The government banned the television show of Kuwaiti Sunni Muslim cleric Shafi al-Ajmi in August after one episode on the state channel, after he voiced support for arming Syrian rebels in speeches and on social media and called for the killing of fighters linked to the Lebanese Shi’ite group Hezbollah who are fighting on Assad’s side.
Ajmi, who has more than a quarter of a million followers on Twitter, has since been suspended from giving sermons, local media have reported.
The ministry sent out a missive this summer calling on clerics to concentrate on moral issues, and started recording sermons in August after a break of more than a year.
But while the authorities may still have leverage when it comes to sermons, controlling what people say on social media, which is ubiquitous in both countries, is a far more complicated task.
Saudi Arabia monitors Twitter feeds of well-known preachers and Kuwaiti clerics who do not conform to guidelines can risk suspension while foreign clerics can be deported.
Authorities maintain their efforts to manage the message on social media are only aimed at ensuring “consistency” to avoid confusion.
“Preaching should be consistent. One cannot hold one view on the mosque’s podium and then contradict it on (social media) sites,” Abdul Muhsen al-Sheikh, undersecretary in the Islamic Affairs Ministry, told pan-Arab newspaper al-Hayat in September.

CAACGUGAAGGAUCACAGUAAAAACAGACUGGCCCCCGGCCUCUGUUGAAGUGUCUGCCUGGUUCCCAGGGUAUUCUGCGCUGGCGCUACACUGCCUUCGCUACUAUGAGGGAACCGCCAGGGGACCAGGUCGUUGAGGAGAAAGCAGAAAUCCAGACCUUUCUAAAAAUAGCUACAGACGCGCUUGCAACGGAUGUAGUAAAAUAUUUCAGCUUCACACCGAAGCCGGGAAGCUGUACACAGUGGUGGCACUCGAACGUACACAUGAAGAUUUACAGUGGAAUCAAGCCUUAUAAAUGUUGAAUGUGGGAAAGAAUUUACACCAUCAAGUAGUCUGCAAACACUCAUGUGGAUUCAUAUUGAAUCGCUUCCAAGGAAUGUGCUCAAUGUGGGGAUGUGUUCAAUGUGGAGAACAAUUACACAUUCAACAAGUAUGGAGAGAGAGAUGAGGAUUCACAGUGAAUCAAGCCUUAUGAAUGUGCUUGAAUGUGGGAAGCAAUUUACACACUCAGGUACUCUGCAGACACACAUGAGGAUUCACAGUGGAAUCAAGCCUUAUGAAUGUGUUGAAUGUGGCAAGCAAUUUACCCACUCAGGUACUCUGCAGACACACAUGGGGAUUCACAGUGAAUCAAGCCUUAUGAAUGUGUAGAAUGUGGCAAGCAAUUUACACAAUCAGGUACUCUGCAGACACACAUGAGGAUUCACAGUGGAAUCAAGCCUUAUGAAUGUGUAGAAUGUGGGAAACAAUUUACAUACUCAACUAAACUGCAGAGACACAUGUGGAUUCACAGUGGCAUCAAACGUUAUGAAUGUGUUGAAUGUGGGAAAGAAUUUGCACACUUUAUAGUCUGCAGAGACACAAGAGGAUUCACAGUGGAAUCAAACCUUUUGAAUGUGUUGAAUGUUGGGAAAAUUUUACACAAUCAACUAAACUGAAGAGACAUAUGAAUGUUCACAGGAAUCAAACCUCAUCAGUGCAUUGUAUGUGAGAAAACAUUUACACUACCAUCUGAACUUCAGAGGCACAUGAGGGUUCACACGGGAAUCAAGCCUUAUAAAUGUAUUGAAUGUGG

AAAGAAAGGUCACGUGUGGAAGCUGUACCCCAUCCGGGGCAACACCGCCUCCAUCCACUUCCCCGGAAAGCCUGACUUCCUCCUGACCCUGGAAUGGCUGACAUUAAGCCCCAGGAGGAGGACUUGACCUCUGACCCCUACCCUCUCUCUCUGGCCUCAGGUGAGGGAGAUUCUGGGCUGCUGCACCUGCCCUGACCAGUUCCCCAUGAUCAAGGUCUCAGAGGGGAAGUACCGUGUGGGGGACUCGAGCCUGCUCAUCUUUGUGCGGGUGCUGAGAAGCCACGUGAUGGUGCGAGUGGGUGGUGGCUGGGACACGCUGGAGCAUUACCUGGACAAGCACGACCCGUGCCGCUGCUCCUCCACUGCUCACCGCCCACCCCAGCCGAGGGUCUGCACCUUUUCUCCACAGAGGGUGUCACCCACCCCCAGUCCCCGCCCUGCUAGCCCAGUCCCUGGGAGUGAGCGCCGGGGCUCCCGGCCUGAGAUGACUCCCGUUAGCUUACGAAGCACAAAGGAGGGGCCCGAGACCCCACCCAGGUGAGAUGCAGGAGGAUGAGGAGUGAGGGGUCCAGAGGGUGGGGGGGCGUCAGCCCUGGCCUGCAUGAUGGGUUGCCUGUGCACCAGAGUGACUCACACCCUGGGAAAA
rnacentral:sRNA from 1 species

Hais, the Kuwaiti religious official, said: “Everyone has the freedom to use Twitter and Facebook but we watch what they write, to see if it is similar to what they say (in the mosque).”
Saudi cleric Abdulaziz al-Qassem, a lawyer who supports limited reforms in Saudi Arabia, said it was unlikely that the government would go so far as to insist that imams only deliver government-approved sermons.
With tens of thousands of mosques in Saudi Arabia, and the clergy’s independence and power so strong, such a scenario was not only unlikely but probably impossible to implement.
“The country is barely able to manage the economy and the rule of law,” he said. But he added:
“Preachers are taking part in partisan and factional battles and leaving aside the role of the mosque as a podium for preaching … Mosques have been abducted.”